WARNING: This manga covers subjects including prejudice (in particular racism), rape, murder and mental illness. The review may also contain spoilers.
This is certainly a hefty tome – not only in terms of length, given that the publishers have decided to combine all four original tankobon volumes into a single edition over 800 pages in length, but also in terms of subject matter. Ode to Kirihito is a story that covers religion, racism, and Osamu Tezuka’s passion for the medical, he himself studying medicine before becoming such an iconic figure in manga.
Ode to Kirihito concerns itself with a mysterious disease called Monmow. Located in a remote village named Doggoddale in this English translation, those who contract it end up with cravings for raw meat and start transforming, taking on a dog/badger-like appearance with elongated faces, before finally dying.
Dr. Kirihito Osanai is an intern who is sent by his boss, Dr. Tatsugaura, to Doggoddale to investigate Monmow. While hesitant because he does not want to be separated from his fiancée Izumi, he ends up taking the job. In fact, it is a trap by Tatsugaura who wants him out of the way. Tatsugaura is running in an election to become president of the Japanese Medical Association, which he intends to do so by proving that Monmow is contagious. As Kirihito is a member of the critical Young Doctors’ Association, he wants to make sure he cannot interfere by sending him to Doggoddale in the hope he will catch Monmow and die.
When Kirihito arrives in the village, he finds himself having not only to deal with Monmow cases, but also with the locals who force him to marry a local girl, Tazu. Kirihito does indeed contract Monmow and undergoes a canine transformation, but he correctly concludes that the disease is not contagious, but endemic and caused by local contaminated water. As a result, he is able to prevent himself from dying of Monmow by avoiding the contamination.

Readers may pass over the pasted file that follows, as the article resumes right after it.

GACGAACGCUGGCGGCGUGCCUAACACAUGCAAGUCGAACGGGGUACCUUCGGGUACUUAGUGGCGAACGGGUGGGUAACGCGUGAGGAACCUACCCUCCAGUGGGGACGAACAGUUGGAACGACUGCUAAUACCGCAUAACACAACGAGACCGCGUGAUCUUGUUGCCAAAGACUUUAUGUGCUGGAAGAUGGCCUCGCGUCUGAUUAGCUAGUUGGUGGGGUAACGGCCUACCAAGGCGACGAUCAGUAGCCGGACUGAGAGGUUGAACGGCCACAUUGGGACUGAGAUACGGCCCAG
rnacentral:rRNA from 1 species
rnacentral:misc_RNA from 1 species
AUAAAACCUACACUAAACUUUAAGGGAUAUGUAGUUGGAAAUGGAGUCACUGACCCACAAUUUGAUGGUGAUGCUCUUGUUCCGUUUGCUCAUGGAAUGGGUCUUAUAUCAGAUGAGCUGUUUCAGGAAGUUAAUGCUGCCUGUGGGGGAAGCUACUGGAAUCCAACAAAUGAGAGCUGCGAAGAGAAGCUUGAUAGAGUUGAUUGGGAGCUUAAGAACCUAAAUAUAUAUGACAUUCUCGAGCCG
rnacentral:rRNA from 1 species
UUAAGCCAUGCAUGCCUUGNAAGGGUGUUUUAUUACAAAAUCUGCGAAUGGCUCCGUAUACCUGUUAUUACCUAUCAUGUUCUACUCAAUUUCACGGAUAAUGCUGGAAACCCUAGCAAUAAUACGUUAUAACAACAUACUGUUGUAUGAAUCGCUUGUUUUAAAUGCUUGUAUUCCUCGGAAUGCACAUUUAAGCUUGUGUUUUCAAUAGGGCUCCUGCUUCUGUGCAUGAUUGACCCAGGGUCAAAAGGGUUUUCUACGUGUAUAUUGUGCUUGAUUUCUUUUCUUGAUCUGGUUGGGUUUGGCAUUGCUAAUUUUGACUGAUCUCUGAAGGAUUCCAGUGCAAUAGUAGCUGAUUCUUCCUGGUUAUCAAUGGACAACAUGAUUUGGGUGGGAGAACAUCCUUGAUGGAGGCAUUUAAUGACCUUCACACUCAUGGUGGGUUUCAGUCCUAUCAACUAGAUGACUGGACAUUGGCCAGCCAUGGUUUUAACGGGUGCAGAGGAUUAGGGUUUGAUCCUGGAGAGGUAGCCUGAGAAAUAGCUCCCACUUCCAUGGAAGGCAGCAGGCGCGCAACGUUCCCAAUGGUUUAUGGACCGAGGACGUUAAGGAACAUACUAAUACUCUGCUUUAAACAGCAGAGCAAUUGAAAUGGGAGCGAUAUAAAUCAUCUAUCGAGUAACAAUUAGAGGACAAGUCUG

However, this is just the start of his problems. When Kirihito and Tazu leave the village one day, Tazu is murdered by a rapist. Kirihito vows revenge, but he himself is beaten, kidnapped, and sent to a privately-run freak show in Taipei. He escapes with the help of another performer, Reika, whose act involves being completely deep-fried and emerging alive from the batter, but she turns out to be a fetishist with a love of freaks. They are then captured by a local village where Kirihito is put on display. He is later asked to use his medical skills to try and save the village chief, but he is attacked once more when the locals make a blunder. Again there is another escape, only for the duo to find themselves stranded in Syria. Kirihito eventually settles down in a village where the locals are not put off by his features, but he still wants revenge upon those who wronged him.